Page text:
(NASA) - Plants are leafing out and flowering sooner each year than predicted by
results from controlled environmental warming experiments, according to
data from a major new archive of historical observations assembled with
the help of a NASA researcher.
Researchers use experiments that manipulate the temperature of the
environment surrounding small plots of plants to gauge how specific
plants will react to higher temperatures. The observed plant responses
can then be incorporated into models that predict future ecosystem
changes as temperatures around the globe continue
to rise. But when a group of scientists compared these results to a
massive new archive of historical observations, they found that the
warming experiments are dramatically underestimating how plants respond
to climate change.
The results were published online in the journal Nature on May 2. In
addition to quantifying how a broad collection of plant species have
responded to date to rising temperatures, the study suggests that the
way warming experiments are conducted needs to be re-evaluated.
Cherry blossoms in Washington, DC have been blooming earlier in recent
decades, including a very early bloom this spring in March (pictured).
(Credit: Elizabeth Wolkovich, Biodiversity Research Centre, University of British Columbia-Vancouver)
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"This suggests that predicted ecosystem changes -- including continuing
advances in the start of spring across much of the globe -- may be far
greater than current estimates based on data from warming experiments,"
said Elizabeth Wolkovich, who led the interdisciplinary team of
scientists behind the new research while she was a postdoctoral fellow
at the University of California, San Diego. "The long-term records show
that phenology is changing much faster than estimated based on the
results of the warming experiments. This suggests we need to reassess
how we design and use results from these experiments."
Benjamin Cook, of NASA's Goddard Institute for Space Studies and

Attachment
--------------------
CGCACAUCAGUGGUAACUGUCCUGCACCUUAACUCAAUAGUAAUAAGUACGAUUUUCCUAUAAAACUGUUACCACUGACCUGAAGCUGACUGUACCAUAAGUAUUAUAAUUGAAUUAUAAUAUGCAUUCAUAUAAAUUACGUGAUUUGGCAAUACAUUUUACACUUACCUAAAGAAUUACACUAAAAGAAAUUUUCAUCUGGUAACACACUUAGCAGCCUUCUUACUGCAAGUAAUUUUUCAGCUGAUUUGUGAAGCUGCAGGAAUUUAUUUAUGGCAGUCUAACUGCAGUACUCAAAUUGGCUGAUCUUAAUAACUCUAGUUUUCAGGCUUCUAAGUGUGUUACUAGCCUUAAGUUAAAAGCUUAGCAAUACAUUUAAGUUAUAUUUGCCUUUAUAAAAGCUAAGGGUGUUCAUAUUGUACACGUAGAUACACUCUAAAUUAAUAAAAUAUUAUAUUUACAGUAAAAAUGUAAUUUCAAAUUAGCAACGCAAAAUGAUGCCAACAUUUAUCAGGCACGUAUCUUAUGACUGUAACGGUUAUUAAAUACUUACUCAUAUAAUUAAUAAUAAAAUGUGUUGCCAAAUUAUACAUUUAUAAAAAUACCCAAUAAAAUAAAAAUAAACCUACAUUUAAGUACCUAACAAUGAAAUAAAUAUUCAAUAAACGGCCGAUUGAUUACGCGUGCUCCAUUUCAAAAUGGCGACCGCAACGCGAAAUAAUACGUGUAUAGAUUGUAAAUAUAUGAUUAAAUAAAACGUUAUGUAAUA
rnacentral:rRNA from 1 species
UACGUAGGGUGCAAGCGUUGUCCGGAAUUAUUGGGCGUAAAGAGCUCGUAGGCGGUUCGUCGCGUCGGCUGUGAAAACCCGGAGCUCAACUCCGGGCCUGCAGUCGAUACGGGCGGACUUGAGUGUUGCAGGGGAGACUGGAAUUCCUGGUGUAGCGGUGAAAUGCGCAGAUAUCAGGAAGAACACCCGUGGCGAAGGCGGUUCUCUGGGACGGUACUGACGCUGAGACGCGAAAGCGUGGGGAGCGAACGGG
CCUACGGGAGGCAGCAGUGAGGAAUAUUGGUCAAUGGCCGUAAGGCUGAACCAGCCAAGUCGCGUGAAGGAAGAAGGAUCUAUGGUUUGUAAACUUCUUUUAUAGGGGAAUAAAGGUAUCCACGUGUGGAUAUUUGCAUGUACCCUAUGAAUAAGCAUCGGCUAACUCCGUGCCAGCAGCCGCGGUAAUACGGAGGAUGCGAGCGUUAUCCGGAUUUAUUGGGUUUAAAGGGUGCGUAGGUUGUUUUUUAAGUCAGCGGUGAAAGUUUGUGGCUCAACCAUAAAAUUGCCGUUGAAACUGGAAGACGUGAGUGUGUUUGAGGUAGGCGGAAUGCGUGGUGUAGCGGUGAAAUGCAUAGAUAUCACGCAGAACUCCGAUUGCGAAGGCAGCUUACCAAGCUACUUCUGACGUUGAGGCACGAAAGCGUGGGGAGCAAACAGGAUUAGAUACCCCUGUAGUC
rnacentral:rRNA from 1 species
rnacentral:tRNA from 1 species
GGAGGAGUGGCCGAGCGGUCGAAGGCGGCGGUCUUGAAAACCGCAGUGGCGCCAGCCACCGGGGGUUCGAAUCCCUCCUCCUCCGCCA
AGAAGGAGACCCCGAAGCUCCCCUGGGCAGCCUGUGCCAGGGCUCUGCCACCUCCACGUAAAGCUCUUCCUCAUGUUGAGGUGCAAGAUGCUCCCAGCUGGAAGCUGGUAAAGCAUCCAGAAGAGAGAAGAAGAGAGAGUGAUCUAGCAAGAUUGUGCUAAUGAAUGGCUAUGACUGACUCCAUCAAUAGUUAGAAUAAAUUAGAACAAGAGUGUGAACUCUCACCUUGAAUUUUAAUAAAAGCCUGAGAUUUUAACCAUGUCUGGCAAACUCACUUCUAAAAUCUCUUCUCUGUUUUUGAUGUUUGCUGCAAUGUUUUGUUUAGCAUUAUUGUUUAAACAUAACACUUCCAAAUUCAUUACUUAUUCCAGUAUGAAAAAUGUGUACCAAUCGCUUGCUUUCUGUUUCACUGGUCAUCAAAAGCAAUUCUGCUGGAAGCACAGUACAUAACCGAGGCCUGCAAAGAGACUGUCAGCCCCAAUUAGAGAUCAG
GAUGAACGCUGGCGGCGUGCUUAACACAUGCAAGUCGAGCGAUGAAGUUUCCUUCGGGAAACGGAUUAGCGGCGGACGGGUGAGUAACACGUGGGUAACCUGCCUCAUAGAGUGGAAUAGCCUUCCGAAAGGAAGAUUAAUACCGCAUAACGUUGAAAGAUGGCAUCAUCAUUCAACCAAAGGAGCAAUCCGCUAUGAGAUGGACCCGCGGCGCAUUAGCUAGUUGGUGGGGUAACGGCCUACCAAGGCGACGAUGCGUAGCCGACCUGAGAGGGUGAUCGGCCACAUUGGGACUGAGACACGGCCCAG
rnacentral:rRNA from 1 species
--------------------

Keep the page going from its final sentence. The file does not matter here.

Columbia University, New York, worked with Wolkovich to create the
massive new archive of long-term, natural phenology observations to
gauge the accuracy of the phenological predictions based on these plant
warming experiments. The archive includes data from 1,558 species of
wild plants on four continents. The historical records showed that
leafing and flowering will advance, on average, five to six days per degree
Celsius -- a finding that was consistent across species and datasets.
These data show that estimates based on data from warming experiments
are underpredicting advances in flowering by eight and a half times and
advances in leafing by four times. The authors expect the data archive
to be an important benchmark in future phenology studies.
"These results are important because we rely heavily on warming
experiments to predict what will happen to ecosystems in the future,"
said Cook, who helped bring together a research team including support
from the National Center on Ecological Analysis and Synthesis to build
the archive of real-world observations. "With these long-term
observational records you may be able to pick up a shift in a plant
community over a few years that you wouldn't be able to observe in an
Researchers with the Boston-Area Climate Experiment are using techniques
in their plant-warming experiments designed to better reflect natural
daily and seasonal temperature cycles. This experiment is too new to
have been in included in this study, but its design addresses some of
the concerns raised by the study. (Credit: Jeff Dukes, Purdue
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The study of phenology, the timing of annual plant events such as the
first flowering and leafing out of spring, provides one of the most
consistent and visible responses to climate change. Long-term historical
records, some stretching back decades and even centuries, show many
species are now flowering and leafing out earlier, in step with rising
temperatures. Because these records aren't available everywhere and
predicted future warming is often outside the range of historical
records, ecologists often use controlled experiments that create warmer
conditions in small plots to estimate how different species will respond
to expected temperature increases.
The timing of plants' flowering and leafing out in spring is not only a
basic, natural indicator of the state of the climate. Predicting plant
responses to climate change has important consequences for human water
supply, pollination of crops and overall ecosystem health.
Wolkovich, Cook and colleagues suggest a number of potential reasons the
estimates based on experimental data have underpredicted the plant
response to higher temperatures. There could be additional effects of
climate change not mirrored in the controlled experiments, or from the
fact that the methods used to create warmth in the studies could be
creating counteracting effects such as drying out soils or reducing the
amount of sunlight reaching the plants.
"Continuing efforts to improve the design of warming experiments while
maintaining and extending long-term historical monitoring will be
critical to pinpointing the reasons for the differences, and will yield a
more accurate picture of future plant communities and ecosystems with
continuing climate change," Wolkovich said.